I recently had to manually invoke a hot spare in a VNX 5200, but in Unisphere the option was greyed out.
On the CLI the command wasn’t supported. Now what?
According to https://support.emc.com/kb/184890 the proper command is now
naviseccli -h [ip of one SP] copytodisk [source-disk] [hot spare]
Using the “getdisk” command will show you the actual rebuild has started.
Bare in mind that the way to address disks is in the format “Bus_Enclosure_Disk”, so for example 1_2_3 means disk 3 (the 4th disk) in enclosure 2 on bus 1.
In Unisphere you can actually see the progress of the rebuild:
A while ago I talked about Hot Spares and how they are picked when a rebuild is necessary. It was almost 2 years ago and you can read it here.
Since then the rebuild / equalize technology has changed! Well, not for existing systems, but the new VNX family aka VNX2 does things a bit differently.
In the old days when a drive failed, a suitable Hot spare would kick in and the unprotected LUNs (regarding the failed drive) would be rebuild onto the Hot Spare. After a while, when the rebuild was done and the failed drive was replaced by a replacement drive, the data on the Hot spare would need to be copied to that new drive. This was called equalizing.
In the VNX2 (with MCx) this last step doesn’t exist anymore. So that means the Hot spare that was used to contain the rebuilt data is not longer a Hot Spare! It has become a regular drive! And that replacement drive will now be a new Hot Spare. When configuring a new VNX2 you’d see rules about Hot Spares and you simply don’t even need to configure Hot Spares anymore. Just make sure you have some unconfigured drives and you’re good. Your VNX2 will make sure they’re used as Hot Spares from then on.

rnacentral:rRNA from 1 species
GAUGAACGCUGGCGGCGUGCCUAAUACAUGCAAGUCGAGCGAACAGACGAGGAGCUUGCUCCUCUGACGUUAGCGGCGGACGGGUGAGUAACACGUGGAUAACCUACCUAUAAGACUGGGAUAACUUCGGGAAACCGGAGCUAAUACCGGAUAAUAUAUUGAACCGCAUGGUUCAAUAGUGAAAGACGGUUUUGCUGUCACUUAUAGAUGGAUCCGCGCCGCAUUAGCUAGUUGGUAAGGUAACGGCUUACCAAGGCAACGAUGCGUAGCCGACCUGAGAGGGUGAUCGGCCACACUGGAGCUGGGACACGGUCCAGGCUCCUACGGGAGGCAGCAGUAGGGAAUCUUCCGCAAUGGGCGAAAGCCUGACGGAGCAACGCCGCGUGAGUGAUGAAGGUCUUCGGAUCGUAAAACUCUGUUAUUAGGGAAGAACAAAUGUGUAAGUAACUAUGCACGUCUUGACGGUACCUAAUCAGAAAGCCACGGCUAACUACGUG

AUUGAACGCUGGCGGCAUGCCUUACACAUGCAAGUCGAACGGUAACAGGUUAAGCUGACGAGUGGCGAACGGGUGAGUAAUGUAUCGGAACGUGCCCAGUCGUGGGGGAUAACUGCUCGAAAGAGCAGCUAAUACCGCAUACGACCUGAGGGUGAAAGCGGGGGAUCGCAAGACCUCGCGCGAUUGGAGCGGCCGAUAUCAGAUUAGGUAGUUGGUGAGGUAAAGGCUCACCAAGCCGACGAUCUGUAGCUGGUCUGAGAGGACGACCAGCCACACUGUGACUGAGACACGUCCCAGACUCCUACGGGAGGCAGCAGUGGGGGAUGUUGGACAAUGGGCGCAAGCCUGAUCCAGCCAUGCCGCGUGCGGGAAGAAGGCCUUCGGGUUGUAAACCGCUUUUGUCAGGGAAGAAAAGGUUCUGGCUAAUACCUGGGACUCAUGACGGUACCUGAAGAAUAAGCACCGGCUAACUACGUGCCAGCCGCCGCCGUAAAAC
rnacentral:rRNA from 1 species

If I remember correctly the DMX4 had a similar feature back in 2008, but it now flowed to the midrange platform as well.
How does an EMC Clariion or VNX decide which Hot Spare will be used for any failed drive?
First of all not the entire failed drive will be rebuilt, but only the LUNs that reside on the failed drive. Furthermore all LUNs on the failed drive will be rebuilt to the same Hot Spare, so a single failed drive will be replaced by a single Hot Spare. So if for example a 600GB drive fails with only 100GB worth of LUNs on it, in theory a 146GB drive could be invoked to rebuild the data. The location of the last LUN block on the failed drive specifies how large the Hot Spare needs to be. If on a 600GB drive the last block of the last LUN sits on “location 350GB”, but the amount of disk space used by all LUNs residing on that drive is 100GB, the 146 and 300GB Hot Spares aren’t valid choices, since the last block address is beyond the 300GB mark (350GB). So valid Hot Spares would be 400GB or larger.
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